Hello everyone. Today I will be discussing how to play against one of the trickiest openings that I’ve ever encountered and played myself. This opening is known as the Vienna Game. the Vienna starts off with the moves 1. e4 e5 2. Nc3. In my opinion, the Vienna game is one of the most dangerous openings to play against if you’re unprepared. Although 2. Nc3 looks fairly harmless, it can be a vicious opening. Let’s look at a sample line to see what I’m talking about.
1. e4 e5 2. Nc3 Nf6 3. f4
Boom! With f4 on the board, things are starting to get exciting. Already at this point, Black really has one move that doesn’t leave him immediately worse.
3. exf4 4. e5!
exf4 seems natural. A pawn is a pawn, right? This is not the case. Take a closer look at this position. Black already has almost no moves with his knight. The poor knight on f6 has to retreat back to where it started, g8. White might still be down a pawn, but he will get it back easily.
3. Ng8 4. Nf3 Nc6 5. d4
As we can see, it is a relatively simple task for white to get back his f4 pawn. In addition, white has far superior development, and black’s king is unsafe and will have to deal with a ton of pressure for the remainder of the game.
As we just saw, things can easily turn ugly for black. What is the best move then? While in my practice of playing this opening I mainly see 3. d6 (This move, although better than 3.exf4 still leaves white better as often, white places his bishop on c4, castles kingside, and attacks the black with pawn storms like h3 g4 when possible), the best move is the thematic pawn break, 3. d5!
Let’s take a look. How does this move work? Mainly due to the king weakness created with f4. By playing f4, White has opened up the sensitive diagonals around his king. By playing d5, black seeks to rapidly open up the position in order to take advantage of this weak king. For example, after 4. exd5 black simply can take back with the knight. After a series of exchanges, black has superior piece development and white has a weak king. Black can simply continue developing his pieces and try to attack the white king.
If white plays 4. Fxe5 Black now responds with Nxe4.
As we see in this position, in contrast with the 3. exf4 variation, black’s knight is actively placed, his pieces have a future, and whites king is again weak. Black will often follow up in this position with be7, 0-0, and c5 to control the center. Although the position is still double-edged, black is totally fine and has his own chances as does white.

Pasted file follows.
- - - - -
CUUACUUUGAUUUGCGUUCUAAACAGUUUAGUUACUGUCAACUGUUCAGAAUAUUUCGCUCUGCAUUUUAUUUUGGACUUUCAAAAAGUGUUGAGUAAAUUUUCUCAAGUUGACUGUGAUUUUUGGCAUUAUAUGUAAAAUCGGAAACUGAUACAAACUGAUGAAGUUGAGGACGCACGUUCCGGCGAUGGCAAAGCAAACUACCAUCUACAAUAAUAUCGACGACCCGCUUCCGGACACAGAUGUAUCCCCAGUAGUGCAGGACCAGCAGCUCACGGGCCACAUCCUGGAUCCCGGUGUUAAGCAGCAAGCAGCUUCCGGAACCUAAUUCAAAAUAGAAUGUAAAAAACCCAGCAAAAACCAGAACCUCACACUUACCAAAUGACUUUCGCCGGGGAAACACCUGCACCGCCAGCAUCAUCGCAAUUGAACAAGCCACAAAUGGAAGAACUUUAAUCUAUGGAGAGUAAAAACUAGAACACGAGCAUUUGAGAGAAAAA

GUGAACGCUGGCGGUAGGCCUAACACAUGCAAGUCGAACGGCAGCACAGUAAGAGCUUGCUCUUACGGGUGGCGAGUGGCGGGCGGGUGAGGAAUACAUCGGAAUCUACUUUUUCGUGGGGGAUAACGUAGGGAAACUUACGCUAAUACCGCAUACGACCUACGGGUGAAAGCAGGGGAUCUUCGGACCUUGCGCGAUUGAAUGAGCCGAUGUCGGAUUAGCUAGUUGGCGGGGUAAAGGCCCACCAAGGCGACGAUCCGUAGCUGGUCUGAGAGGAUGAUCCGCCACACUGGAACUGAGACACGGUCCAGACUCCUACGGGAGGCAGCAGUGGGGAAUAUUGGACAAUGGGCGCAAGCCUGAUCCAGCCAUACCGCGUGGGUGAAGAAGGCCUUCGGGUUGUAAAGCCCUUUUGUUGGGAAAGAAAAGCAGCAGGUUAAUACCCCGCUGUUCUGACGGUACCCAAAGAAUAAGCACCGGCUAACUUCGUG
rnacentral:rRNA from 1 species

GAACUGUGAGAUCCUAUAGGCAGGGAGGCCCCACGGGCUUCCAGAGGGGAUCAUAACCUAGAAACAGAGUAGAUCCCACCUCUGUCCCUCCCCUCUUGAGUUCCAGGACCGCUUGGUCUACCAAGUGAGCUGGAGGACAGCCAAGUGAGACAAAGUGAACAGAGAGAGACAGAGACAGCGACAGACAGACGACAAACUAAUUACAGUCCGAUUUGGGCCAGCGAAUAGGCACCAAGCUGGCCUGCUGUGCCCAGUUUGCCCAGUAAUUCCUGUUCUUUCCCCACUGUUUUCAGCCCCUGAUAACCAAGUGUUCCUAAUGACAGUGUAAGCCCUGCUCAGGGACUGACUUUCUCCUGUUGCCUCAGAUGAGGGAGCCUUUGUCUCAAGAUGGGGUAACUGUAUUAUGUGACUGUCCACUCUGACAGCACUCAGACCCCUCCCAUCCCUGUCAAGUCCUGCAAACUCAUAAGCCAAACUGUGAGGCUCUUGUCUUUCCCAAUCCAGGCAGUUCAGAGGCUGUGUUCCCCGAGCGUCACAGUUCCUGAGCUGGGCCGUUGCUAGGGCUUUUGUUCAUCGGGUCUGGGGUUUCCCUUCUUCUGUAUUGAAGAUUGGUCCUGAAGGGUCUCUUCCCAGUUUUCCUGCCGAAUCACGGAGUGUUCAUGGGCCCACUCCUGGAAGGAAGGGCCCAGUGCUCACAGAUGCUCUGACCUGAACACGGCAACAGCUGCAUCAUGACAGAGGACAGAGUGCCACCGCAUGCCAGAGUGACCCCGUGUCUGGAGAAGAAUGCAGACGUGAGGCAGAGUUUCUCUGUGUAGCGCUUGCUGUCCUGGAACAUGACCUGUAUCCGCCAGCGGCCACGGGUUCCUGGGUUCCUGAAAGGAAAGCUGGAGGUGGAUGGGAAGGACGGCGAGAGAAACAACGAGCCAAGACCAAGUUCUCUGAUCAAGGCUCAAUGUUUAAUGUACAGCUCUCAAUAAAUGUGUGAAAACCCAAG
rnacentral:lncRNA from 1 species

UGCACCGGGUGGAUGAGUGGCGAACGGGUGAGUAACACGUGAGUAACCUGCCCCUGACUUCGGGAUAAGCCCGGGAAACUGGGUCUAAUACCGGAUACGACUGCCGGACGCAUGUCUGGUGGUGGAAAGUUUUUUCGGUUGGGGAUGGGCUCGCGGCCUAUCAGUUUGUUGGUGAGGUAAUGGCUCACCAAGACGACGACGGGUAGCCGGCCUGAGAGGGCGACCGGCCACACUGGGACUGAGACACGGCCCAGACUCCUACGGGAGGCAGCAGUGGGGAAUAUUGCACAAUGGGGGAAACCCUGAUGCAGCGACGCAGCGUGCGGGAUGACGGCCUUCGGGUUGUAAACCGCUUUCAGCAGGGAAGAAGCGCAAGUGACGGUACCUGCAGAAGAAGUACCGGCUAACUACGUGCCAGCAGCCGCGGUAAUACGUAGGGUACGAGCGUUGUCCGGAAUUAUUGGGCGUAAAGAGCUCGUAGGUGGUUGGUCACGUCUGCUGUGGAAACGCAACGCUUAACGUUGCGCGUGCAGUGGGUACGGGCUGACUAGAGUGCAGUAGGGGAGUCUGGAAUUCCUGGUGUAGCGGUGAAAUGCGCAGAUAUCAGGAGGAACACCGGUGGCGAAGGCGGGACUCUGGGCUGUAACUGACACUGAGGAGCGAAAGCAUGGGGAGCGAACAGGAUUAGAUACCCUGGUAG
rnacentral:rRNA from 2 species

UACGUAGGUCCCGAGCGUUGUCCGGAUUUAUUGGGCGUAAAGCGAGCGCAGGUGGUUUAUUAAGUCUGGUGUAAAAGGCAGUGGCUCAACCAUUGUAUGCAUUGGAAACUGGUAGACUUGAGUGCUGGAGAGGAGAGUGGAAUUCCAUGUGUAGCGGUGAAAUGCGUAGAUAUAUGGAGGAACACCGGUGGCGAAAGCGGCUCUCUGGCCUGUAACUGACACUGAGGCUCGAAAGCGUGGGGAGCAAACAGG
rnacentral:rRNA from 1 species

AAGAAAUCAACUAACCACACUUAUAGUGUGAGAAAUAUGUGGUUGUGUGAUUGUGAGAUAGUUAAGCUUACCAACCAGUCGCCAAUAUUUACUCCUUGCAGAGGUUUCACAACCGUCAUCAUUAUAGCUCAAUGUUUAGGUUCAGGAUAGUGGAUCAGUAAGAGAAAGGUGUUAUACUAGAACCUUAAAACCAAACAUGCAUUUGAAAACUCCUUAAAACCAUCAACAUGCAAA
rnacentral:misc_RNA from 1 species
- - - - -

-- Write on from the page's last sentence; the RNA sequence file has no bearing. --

Another variation is another line a black player should familiarize himself with is 2. Nc6 in response to 2. Nc3. Often, when playing lower rated players, I have found a tendency that when they don’t know what to do, they copy the moves I make. For example, nc6 in response to nc3. Nc6 is a respectable and perfectly playable move. However, things can become tricky after 3. Bc4. Although after 3. Nf6 white has nothing substantial and black is fine, the same cannot be said if black continues to mimic white by going 3. Bc5. After 4. Qg4 it is very awkward for black to defend the g pawn. After the best move, 4. g6, white simply should play 5. Qd1(to avoid any discoveries with the d pawn) and black has serious dark square weaknesses.
now you might be asking yourself, what happens after 4. Qf6 instead of 4. g6.
This looks very scary for White. Not only is black defending the g7 square, he is also attacking f2 and threatening d5. However, the threat on f2 is not a problem. White can simply ignore this with nd5! You might be thinking, “Wait WHAT?” after qf2 kd1 it looks scary for white right?
However, black has no good follow up. Every square around the white King is covered. And black has his own problems. Already, in this position, both c7 and g7 are hanging now.
As we can see, it’s important to familiarize yourself with the many lines of the Vienna game. It’s important to note, the point of this article was not to provide a repertoire against it, rather just to show you the dangers this opening can hold as well as give you some ideas on what positions you should look at. It’s up to you to decide where you continue from here. I hope by reading this article, you have learned something about the importance of knowing your openings, not just in the Vienna game, but in all openings. Until next time!